In order to keep things in order, I numbered each block.  It's worth the extra time and effort regardless of the what size a quilt is.

I promised my husband that it wouldn't be too pink after the sashing was added and he bought it!  While it did indeed tone down the neon a little bit, there is no denying its pink. 

With the quilt being massive, I bought three yards of a wide backing in Kona Ash.  It isn't the same color as the Burlap by RJR Fabrics that I used in the blocks, but such is life!  I'm good with it and it is on the back after all!


Had I been smart, I would have left the wide back as is.  It was the perfect size!  I couldn't bring myself to do that.  There might be a time when I want a muted version of Neon Pink on my bed...for something I was determined to add a pieced strip across the back.  

Since I've been on a circle kick lately, I decided to add a row of 8" circles across the back.  I could use some of my left over fabric and have a double sided quilt.  A crazy busy side and a calm peaceful side.  

The wait is on!  I'll get the quilt back next month at which time I can add the binding.  In the mean time I'll make a couple pillow cases to complete the ensemble.  


Wednesday, July 17, 2019

Hits The Spot :: A Quilting Adventure

If you know me, you know quilting isn't my specialty!  I try and try again, always hoping the spark will take hold and I'll miraculously 'get it' and become a bit more skilled than I am now.  

That being said, this last quilting adventure left me feeling like I knew what I was doing!  

20" x 22"
I've become a bit obsessed with circles lately.  Just when I think I'm done, some new idea or a scrap pile calls my name and there I go making more circles.  Mostly I've focused on full or half circles, a skill worth mastering.  I'm not quite a master...but my time has been well spent and I love it!

We all have days where we just want to make something.  There doesn't have to be a reason or a plan, it's the process and need that propels us.  Such was the case with this quilt.  It had no future until one day...I decided to make it into a wall hanging that would test my quilting skills!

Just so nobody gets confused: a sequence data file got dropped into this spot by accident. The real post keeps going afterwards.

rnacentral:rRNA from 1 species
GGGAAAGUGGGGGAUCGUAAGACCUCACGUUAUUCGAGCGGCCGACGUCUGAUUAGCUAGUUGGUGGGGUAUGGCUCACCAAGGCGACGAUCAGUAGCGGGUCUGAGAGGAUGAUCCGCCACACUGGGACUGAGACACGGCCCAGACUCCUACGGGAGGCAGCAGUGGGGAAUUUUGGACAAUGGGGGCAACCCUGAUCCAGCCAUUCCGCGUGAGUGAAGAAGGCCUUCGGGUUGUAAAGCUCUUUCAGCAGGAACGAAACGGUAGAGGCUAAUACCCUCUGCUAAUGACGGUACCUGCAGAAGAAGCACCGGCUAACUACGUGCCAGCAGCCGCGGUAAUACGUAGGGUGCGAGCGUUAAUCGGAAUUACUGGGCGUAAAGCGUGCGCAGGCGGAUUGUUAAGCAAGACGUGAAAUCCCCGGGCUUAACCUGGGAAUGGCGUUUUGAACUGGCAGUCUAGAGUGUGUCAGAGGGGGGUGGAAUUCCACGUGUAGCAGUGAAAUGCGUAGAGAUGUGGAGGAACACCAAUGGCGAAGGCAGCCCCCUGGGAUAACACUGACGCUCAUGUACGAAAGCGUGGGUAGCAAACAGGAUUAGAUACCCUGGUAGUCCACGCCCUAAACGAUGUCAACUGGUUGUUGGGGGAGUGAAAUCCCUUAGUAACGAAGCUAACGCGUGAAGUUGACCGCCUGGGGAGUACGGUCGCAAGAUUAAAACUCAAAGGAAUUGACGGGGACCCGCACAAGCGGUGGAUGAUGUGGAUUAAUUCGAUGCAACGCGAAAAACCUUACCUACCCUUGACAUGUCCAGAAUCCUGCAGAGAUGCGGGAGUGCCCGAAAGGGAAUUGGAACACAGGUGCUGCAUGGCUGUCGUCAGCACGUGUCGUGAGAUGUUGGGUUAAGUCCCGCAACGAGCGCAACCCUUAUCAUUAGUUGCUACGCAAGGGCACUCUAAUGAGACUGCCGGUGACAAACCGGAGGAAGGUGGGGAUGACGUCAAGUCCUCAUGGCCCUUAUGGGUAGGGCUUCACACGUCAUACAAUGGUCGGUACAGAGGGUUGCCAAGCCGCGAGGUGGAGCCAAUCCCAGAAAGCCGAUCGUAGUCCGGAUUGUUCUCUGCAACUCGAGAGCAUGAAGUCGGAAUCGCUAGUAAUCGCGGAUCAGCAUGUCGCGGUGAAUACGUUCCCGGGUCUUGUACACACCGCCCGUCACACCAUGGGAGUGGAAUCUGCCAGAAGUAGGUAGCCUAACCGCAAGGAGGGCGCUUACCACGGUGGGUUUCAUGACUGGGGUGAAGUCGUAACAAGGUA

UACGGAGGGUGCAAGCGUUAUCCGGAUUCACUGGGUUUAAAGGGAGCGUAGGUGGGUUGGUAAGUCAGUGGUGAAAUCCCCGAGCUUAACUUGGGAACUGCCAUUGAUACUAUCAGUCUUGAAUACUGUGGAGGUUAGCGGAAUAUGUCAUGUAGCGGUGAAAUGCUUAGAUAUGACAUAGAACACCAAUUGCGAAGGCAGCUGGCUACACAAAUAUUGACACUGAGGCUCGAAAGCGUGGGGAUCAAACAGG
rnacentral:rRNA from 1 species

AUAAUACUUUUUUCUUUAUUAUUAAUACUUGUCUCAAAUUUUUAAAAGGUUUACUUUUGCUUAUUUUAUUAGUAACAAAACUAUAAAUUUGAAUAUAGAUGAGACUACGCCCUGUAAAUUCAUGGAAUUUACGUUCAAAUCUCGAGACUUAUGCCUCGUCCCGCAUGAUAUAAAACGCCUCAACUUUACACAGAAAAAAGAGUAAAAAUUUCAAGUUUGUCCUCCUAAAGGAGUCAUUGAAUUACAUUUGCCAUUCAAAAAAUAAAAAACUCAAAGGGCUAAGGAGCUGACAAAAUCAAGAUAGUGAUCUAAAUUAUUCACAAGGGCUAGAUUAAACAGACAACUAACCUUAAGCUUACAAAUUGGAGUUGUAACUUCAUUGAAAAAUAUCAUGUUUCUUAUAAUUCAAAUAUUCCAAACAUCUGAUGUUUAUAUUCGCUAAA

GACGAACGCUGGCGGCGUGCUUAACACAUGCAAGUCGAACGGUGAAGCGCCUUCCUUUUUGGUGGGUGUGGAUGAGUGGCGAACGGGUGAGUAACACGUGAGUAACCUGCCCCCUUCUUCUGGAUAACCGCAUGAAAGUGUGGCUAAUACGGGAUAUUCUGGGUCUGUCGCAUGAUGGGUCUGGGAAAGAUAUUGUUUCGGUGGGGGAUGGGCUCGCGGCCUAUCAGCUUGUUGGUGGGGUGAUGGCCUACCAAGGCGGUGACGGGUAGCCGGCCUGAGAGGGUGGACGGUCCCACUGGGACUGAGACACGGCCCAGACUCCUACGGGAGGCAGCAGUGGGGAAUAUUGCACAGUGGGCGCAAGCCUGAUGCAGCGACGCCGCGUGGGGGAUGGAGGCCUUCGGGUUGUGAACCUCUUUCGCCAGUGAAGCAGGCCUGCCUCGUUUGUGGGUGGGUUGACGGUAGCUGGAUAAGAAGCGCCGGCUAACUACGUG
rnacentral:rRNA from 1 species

I've never been able look at a quilt as a whole and come up with a plan, it's always been section by section and hope for the best.  Instead of dwelling on it, I embraced it.  And to make it a little more difficult I was going to match thread colors too!  Why not, right?!

I used Aurifil 50wt in Neon Orange (1104), Peony (2440), Yellow Orange (2145) and Canary (2120).

I channeled some of my favorite quilters, focused on some details I love seeing and prayed I could pull it off!  It also didn't hurt one little bit that this is a very small quilt and I would easily be able to handle it without a struggle.

Once I started I knew I couldn't or wouldn't turn back.  I was in it for the long haul.  Mostly I used my walking foot, but there were a few sections where I used free motion quilting.  The center has the best of both quilting techniques.  I'm a huge fan of frames with dense quilting placed around them.  


I worked from the center and tackled each circle with a different design.  There was marking, measuring and many times I was bewildered!  What should the next round be?  Too much, too little?!  And there were times when I doubted I could even pull it off.  

I was not going to let anything deter me.  If it works great, if not it was a good lesson and I actually was having a fun time with it!  

Finishing it with a matched binding was always in the cards.  Some things just have to be!

The detail on the backs of quilts is sometimes better than the front!  For this backing I used Kona Salmon.  It really highlights the quilting just as I had hoped it would.

Part of my motivation for this quilting adventure was to see if I could do it, and maybe gain enough confidence that I would tackle this quilt:

Which has been hanging on my design wall for a month or more.  The good news is I did gain long as it's a small, small quilt.  I don't think I can handle a large quilt like this.  SO, any takers?!  I don't have connections to long arm quilters and frankly don't know where to go to find one who would be willing!    

The upside is I love this goofy little quilt!  For something wasn't meant to be anything, it sure turned into something!  There were plenty of hours put into the quilting...but worth every second!


Wednesday, July 10, 2019

One Thing Leads to Another :: Skinny Minny

As with many of my projects creative license has a way of happening!  This doesn't just happen with my own designs.  When I use another makers pattern I like to put my personal twist or creative license in a design.  I give full credit to the designer, always love their original concept and especially enjoy that because of their creativity it inspires me to take it to another creative level.

Such is the case with Skinny Minny Geese.  The pattern is by Kelly of Jeli Quilts and available in her Payhip shop.  Who doesn't love flying geese, a rainbow and paper piecing?!  A couple of those might be an acquired taste to some, but for me it's the perfect storm!  

16.5" x 16.5"